Designer: Alabama Chanin
From: Florence, Alabama
After spending years in the fashion industry working as a junior sportswear designer in New York and as a stylist, costume designer, and documentary filmmaker in Europe, Natalie Chanin wanted to design her own line, but struggled to find seamstresses in New York City who understood her aesthetic. She decided to return home to Alabama, and found exactly what she was looking for in the community she left.
Florence was once a Mecca of T-shirt manufacturing, but cheap labor overseas forced the factories to shut down. There were plenty of trained, unemployed seamstresses with the skills needed to assist Chanin with her designs, and tapping into the local talent became a hallmark of her business. Beginning with embellishing those first simple T-shirts, Chanin and her team have grown into a lifestyle brand. They now offer a full fashion collection including bridal and menswear, and even such home items as organic cotton tea towels, table runners, placemats, and quilts.
Independent contractors, or “stitchers,” as Alabama Chanin (the name Chanin gave to her company) calls them, are the worker bees of the brand. A package is sold to the artist, who in turn sews the garment, then sells it back to Chanin when the work is complete.
“Each piece is different,” Chanin explained in an e-mail interview. “All of our garments are cut from our pattern library here in the studio, and then packaged with the necessary notions (thread, beads, etc.). This package is purchased by the artisan with the winning bid. The item is then sold back to Alabama Chanin—in most cases, as a finished product. Should the garment require additional work after it is returned, the process begins again. More often than not, each garment has a single creator.”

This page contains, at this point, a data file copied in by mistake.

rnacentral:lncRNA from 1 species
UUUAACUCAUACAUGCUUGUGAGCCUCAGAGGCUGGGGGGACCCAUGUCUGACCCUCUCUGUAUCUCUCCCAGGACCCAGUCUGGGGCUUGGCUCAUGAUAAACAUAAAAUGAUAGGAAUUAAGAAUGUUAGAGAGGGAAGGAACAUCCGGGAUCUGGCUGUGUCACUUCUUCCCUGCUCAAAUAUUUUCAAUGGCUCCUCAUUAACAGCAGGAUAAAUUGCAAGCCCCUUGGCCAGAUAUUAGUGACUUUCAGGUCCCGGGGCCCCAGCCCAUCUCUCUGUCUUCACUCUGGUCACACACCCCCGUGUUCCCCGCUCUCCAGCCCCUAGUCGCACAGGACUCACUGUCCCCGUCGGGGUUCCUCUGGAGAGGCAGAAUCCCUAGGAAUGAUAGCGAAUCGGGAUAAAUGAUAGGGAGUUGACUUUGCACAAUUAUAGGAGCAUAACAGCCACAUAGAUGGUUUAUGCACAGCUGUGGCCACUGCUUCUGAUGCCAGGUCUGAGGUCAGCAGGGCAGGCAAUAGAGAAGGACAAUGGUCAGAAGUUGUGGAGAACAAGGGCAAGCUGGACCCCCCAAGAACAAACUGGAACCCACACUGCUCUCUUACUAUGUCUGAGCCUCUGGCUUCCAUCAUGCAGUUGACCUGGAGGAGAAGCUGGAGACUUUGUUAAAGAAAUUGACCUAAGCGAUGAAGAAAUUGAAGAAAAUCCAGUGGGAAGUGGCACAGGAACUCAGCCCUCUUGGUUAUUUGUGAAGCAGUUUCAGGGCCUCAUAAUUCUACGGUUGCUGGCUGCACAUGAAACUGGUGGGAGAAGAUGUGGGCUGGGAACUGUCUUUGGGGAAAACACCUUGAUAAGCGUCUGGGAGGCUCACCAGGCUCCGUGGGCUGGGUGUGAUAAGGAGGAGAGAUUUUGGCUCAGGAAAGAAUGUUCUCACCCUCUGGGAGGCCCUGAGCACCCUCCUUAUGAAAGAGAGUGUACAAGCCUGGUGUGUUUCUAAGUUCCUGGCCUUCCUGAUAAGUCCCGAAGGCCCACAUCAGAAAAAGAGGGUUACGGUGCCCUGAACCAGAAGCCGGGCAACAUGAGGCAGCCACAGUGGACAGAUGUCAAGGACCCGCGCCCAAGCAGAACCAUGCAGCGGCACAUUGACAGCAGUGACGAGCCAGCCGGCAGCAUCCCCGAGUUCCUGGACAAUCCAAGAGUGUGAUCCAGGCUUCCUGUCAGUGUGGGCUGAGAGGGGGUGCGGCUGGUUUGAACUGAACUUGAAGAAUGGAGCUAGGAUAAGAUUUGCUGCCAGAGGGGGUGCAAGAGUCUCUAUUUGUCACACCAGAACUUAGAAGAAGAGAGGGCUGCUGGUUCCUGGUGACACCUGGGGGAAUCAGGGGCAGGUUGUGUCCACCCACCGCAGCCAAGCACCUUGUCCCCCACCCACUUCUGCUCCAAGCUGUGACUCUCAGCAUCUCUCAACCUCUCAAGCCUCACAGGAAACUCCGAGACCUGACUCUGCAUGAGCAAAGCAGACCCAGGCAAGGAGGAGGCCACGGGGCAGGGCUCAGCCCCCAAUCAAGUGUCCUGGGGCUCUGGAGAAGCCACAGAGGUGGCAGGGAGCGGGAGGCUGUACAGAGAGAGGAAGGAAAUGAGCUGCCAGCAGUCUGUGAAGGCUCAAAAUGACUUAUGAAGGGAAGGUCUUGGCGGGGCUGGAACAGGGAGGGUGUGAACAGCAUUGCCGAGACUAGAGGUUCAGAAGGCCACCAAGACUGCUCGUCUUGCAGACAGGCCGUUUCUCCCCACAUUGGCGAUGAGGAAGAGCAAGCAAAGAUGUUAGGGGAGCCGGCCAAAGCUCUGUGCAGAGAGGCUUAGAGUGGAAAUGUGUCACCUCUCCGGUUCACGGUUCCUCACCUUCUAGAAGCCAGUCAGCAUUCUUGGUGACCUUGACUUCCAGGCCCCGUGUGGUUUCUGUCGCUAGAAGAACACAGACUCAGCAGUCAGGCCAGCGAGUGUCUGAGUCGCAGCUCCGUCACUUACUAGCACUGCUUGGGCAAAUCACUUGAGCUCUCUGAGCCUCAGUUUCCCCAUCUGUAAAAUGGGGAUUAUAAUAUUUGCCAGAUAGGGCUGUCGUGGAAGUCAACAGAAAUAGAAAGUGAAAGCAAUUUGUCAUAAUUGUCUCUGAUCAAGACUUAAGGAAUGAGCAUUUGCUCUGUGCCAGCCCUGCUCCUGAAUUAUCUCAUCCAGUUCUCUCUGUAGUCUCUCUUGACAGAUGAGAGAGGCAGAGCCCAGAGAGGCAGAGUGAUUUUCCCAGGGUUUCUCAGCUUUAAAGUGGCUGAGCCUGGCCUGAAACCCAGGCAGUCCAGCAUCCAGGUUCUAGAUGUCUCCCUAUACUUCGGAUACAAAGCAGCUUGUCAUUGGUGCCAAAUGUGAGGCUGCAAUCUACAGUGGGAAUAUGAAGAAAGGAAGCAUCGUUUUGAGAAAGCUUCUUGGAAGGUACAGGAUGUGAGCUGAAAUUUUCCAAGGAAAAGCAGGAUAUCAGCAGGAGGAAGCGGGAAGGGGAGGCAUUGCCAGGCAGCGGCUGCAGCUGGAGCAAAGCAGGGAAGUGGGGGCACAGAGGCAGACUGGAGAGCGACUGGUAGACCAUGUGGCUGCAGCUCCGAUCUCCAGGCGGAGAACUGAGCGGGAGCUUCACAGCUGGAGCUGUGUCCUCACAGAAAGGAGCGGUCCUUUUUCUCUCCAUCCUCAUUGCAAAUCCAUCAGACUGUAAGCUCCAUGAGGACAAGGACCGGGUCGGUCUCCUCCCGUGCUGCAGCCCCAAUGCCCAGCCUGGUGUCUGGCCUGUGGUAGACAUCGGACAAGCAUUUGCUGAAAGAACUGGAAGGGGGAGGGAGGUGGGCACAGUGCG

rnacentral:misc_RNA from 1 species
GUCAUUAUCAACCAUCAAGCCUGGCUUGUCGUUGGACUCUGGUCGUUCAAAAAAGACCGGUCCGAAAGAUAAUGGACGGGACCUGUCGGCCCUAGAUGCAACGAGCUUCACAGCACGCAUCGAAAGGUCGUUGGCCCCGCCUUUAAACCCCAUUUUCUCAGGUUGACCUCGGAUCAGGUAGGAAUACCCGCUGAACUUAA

The stitching in each garment is sublime. Completely handmade—no sewing machines involved—this is as human as it gets. There is a sense of comfort in Chanin’s collections—the sturdily knotted stitch, the precision of the patterns mesmerizes the eye. Patterns are made using Pennant Felt or Mylar stencils and painted using an airbrush technique. The decorative stitching is done with a simple quilters stitch and is Alabama Chanin’s trademark. Working exclusively with organic cotton, they’ve realized that the product is hard to find, and along with fellow Florence fashion designer Billy Reid, they are now in the process of growing their own raw materials to ensure supply keeps up with increasing demand.
To wear Alabama Chanin feels like a conversation with an old friend. There’s so much to learn and so much to think about. What was the maker doing when she created this piece? Was she sitting on her sofa, watching TV? Talking to her son on the phone? You just don’t get that same sense of community or mystery from picking up a dress in the mall.
The communal reach doesn’t end in Alabama. Recent collaborations include a line with Heath Ceramics and an NYC pop-up shop called Crafting Fashion, curated with Billy Reid among others.
In a fast-fashion climate, where runway looks are copied quicker than design houses can manufacture them, Chanin not only sells DIY kits of her original work to non-stitchers but also offers books and weekend workshops so consumers can create pieces at home.
The most intriguing collaboration, though, is the strength and talent of Alabama Chanin’s community of artists. For this company, fashion isn’t just selling a dress—it’s indulging in a design philosophy that translates to more than another choice on the racks.